Thursday, March 18, 2010

'Dead Birds' is scary, but not scary enough

Dead Birds (2004)
Starring: Henry Thomas, Nicki Aycox, Isaiah Washington, Patrick Fugit, Mark Boone, Jr., Michael Shannon, Muse Watson and Harris Mann
Director: Alex Turner
Rating: Six of Ten Stars

A band of outlaws who have violently robbed a bank during the American Civil War, hide out in the manor of a deserted plantation to rest before making their way to Mexico. They soon learn that while human beings may not live there, other creatures do.

"Dead Birds" blends standard elements of haunted house tales and monster movies, puts them in a Civil War setting, and presents them in an atmospheric film that unfolds with a steady pace that is punctuated by horrorfic, shocking moments.

While there are a few clunky moments--the way the curse upon the plantation is revealed and the way a couple of the characters are written out both feel like not enough thought was put into how to properly fit them into the flow of the movie--the overall tone of the film grows steadily more nightmare-like: it's a film that starts darkly and things only get worse. The artful camerawork and excellent use of lighting and sound is also at a level that is all-too-rarely-seen in horror movies these days. The same is true of the acting... there isn't a single actor who appears in the movie who doesn't come across as completely believable.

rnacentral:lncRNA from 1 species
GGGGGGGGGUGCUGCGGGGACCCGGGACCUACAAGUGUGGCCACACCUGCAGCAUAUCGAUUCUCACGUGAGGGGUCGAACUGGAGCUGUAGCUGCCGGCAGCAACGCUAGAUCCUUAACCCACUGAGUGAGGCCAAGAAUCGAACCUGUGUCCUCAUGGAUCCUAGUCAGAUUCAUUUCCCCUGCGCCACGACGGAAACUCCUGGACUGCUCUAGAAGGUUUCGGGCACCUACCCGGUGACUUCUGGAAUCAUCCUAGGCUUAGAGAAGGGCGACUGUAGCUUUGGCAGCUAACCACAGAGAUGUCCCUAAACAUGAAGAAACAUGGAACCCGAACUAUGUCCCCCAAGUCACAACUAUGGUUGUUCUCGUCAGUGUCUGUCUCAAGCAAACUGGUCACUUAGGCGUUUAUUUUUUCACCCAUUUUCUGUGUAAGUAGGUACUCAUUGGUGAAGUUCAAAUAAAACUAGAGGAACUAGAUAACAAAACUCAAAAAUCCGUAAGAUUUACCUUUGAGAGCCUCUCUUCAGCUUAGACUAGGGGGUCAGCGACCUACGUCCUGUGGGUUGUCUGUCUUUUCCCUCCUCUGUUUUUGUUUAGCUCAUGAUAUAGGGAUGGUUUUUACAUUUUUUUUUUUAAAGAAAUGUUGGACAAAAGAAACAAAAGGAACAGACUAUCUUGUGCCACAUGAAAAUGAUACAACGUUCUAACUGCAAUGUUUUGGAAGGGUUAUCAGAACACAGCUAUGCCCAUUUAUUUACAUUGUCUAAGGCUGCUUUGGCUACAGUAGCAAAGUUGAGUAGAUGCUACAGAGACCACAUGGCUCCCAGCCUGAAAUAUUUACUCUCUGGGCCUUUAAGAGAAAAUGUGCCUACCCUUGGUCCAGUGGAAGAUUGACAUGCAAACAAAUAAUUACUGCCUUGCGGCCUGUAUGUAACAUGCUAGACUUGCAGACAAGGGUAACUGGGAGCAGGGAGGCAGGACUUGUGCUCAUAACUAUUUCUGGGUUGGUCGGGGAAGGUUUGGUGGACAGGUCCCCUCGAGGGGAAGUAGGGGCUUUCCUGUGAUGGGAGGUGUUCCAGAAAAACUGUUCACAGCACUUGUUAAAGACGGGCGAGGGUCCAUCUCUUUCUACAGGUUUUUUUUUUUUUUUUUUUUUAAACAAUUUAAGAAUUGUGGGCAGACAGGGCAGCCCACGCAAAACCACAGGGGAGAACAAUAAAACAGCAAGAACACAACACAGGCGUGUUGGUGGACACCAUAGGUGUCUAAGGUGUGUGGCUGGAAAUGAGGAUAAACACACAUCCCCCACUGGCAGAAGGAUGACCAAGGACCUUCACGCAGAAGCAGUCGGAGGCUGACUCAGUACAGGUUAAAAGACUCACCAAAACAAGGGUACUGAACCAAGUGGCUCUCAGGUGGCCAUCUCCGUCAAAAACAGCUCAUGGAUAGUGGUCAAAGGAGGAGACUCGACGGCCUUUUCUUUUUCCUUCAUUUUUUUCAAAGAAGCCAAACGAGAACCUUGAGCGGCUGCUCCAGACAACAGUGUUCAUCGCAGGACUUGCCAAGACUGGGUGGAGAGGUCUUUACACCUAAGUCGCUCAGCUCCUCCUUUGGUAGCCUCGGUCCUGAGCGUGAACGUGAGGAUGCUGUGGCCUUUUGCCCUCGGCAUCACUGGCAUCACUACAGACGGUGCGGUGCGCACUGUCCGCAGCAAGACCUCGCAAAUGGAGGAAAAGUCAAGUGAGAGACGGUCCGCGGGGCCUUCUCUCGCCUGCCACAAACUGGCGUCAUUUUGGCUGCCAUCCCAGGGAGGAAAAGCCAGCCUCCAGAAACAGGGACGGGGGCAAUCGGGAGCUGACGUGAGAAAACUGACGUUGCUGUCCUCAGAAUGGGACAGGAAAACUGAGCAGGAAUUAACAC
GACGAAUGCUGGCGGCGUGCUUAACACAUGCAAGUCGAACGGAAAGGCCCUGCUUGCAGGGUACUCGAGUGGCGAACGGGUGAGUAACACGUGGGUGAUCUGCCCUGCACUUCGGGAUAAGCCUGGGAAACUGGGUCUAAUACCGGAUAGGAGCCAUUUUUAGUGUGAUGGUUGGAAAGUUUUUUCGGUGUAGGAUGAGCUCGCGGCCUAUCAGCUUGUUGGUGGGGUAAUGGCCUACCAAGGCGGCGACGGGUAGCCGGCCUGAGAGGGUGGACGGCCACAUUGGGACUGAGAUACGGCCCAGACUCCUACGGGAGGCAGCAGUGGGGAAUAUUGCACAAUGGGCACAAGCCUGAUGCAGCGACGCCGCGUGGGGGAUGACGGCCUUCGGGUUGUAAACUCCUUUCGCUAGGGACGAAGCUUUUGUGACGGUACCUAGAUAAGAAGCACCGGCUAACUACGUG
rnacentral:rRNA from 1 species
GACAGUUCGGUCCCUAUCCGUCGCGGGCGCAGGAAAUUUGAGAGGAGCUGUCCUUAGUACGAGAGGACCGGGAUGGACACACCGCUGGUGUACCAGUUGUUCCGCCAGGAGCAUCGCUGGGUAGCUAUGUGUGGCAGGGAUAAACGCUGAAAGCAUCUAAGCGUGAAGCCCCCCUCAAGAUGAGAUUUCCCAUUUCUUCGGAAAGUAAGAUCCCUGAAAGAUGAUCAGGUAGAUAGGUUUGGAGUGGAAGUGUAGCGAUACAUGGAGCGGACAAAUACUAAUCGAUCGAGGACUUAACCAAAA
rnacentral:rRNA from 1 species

Unfortunately, the ending leaves a little bit to be desired. After a fantastic build-up, made all-the-better in restrospect because the final scenes of the movie have been very carefully foreshadowed from the time the outlaws first reached the edge of the cornfield surrounding the manor, inconsistencies in how the curse manifests itself in regards to a couple of the characters serves to muddy and undermine what should be the most shocking moment of the film. Those above-mentioned clunky moments rattle quite loudly as far as the "shock ending" goes.

"Dead Birds" is a well-acted and well-directed horror film. It is one of the best efforts in recent years, but it fails to fully realize its potential at the end. It's still worth a look if you enjoy horror movies.

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